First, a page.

The fates of the hundreds of American pilots and other air crewmen shot down over North Vietnam and held prisoner in the infamous Hanoi Hilton is one of the best-known and widely described aspects of the Vietnam War. A ton of memoirs by former POWs, biographies of former POWs, and accounts of groups of POWs have appeared since the men were released en masse in 1973.
Alvin Townley’s Defiant: The POWs Who Endured Vietnam’s Most Infamous Prison, the Women Who Fought for Them, and the One Who Never Returned (Thomas Dunne, 432 pp., $27.99) falls in the third category. This well-written account, which draws heavily on the previous body of POW literature, focuses on about a dozen captives. It also goes over the oft-told story of the POW wives at home who, against long odds, successfully lobbyed the government on their husbands’ behalf.
Much of the narrative looks at two of the longest-held and most renowned POWs, James Bond Stockdale (who wrote three memoirs, including In Love and War with his wife Sybil) and Jeremiah Denton (who told his story in When Hell Was in Session). Townley recounts, in detail, how Stockdale, Denton, and the other POWs endured years of almost unimaginable physical and mental torture, and the ways the men coped with the physical pain and emotional torment.
Townley, the author of a book about the legacy of Eagle Scouts, writes reverently of the POWswhom he calls “American stalwarts,” “defiant patriots,” and “corralled incorrigibles” in a fast-flowing narrative with much reconstructed dialogue.
John T. Shaw’s JFK in the Senate: Pathway to the Presidency (Palgrave Macmillan, 228 pp., $26) is a well-written, pioneering look at President John F. Kennedy’s 1953-60 tenure as the junior U.S. Senator from Massachusetts. Kennedy “participated actively and sometimes boldly” during his time in the Senate “in the central policy debates of his time,” Shaw notes. That included “France’s faltering military interventions in Vietnam and Algeria” and “the appropriate defense posture for America during the Cold War.”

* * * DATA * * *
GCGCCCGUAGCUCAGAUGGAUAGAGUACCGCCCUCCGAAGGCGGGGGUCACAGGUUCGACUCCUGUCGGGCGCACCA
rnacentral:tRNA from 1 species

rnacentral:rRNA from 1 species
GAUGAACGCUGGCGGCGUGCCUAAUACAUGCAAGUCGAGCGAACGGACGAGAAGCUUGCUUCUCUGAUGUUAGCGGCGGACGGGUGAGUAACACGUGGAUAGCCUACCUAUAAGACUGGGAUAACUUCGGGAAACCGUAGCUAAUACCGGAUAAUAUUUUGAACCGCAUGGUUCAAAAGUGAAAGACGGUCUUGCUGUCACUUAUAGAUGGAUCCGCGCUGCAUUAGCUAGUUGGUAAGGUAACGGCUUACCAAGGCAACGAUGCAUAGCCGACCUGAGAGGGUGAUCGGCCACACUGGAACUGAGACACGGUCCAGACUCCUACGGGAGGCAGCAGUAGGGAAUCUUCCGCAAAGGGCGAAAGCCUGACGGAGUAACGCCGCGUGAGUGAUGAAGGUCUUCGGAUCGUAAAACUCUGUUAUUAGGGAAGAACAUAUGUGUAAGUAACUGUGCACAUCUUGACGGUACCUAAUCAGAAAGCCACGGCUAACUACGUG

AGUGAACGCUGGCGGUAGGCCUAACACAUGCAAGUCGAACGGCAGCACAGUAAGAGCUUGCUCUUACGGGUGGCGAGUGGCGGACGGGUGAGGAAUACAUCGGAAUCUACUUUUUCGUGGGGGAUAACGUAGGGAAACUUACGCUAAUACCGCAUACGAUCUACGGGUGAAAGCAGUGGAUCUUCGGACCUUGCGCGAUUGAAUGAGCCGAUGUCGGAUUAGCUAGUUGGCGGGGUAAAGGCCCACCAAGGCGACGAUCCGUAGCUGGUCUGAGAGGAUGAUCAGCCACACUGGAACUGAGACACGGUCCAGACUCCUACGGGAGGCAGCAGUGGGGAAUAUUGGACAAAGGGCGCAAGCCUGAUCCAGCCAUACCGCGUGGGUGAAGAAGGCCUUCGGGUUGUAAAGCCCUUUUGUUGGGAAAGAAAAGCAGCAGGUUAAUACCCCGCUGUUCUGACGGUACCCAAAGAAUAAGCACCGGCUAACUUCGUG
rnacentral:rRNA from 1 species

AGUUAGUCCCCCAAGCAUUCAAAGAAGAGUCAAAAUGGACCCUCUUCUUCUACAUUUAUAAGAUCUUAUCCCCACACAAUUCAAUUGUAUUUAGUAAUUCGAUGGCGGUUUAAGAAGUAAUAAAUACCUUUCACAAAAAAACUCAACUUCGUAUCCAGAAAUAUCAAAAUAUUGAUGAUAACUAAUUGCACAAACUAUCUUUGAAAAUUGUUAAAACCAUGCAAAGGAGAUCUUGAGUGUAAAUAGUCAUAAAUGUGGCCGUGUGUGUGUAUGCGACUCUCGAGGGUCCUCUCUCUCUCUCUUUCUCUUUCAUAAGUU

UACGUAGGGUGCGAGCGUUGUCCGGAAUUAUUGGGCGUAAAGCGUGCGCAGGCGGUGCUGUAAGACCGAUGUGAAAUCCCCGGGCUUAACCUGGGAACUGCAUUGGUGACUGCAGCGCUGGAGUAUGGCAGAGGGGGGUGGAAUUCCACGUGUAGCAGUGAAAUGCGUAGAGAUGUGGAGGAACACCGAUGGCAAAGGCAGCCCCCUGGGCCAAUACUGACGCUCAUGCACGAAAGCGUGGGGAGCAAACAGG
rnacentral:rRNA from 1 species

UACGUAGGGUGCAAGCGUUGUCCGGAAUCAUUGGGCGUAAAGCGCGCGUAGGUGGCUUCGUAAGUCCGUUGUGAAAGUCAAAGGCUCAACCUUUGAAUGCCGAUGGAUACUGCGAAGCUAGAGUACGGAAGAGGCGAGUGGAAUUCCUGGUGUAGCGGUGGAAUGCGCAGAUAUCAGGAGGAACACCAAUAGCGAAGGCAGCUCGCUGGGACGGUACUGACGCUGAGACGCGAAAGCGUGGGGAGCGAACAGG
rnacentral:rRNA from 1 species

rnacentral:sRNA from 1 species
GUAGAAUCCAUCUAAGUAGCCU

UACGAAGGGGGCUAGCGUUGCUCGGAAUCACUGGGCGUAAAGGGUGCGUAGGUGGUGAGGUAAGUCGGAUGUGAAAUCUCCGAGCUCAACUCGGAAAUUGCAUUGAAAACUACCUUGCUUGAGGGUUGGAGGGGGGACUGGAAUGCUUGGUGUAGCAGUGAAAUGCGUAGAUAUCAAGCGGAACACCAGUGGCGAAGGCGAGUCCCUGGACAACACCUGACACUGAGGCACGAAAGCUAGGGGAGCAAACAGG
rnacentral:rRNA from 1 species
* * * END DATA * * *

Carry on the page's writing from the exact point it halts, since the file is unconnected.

Kennedy had a decidedly negative view of the French war in Vietnam. He strongly favored “check[ing] the southern drive of communism,” there. But JFK said he did not want to do that relying “on the force of arms.” Rather, Kennedy called for building “strong native non-communist sentiment within these areas.”
In 1953, his first year in the Senate, Kennedy “took center stage” in the debate over whether or not the U.S. should continue to support the French. JFK spoke out in favor of sending U.S. aid, but also called on France to grant independence to Vietnam, Laos, and Cambodia.
Kennedy, in his search for a non-military solution to the problem of stopping communism in Vietnam, believed that Ngo Dinh Diem, the vehement anticommunist the CIA helped install as South Vietnam’s premier in 1954, would be the leader who could do so. In a June 1, 1956, speech JFK changed his stance on what America should do in Vietnam. He no longer warned that the U.S. should not get heavily involved militarily in the effort to stop the Vietnamese communists, framing his argument in staunch, 1950s Cold War rhetoric.
South Vietnam “represents the cornerstone of the Free World in Southeast Asia,” JFK said, “the keystone in the arch, the finger in the dyke.” South Vietnam, he said, “is our offspring. We cannot abandon it.”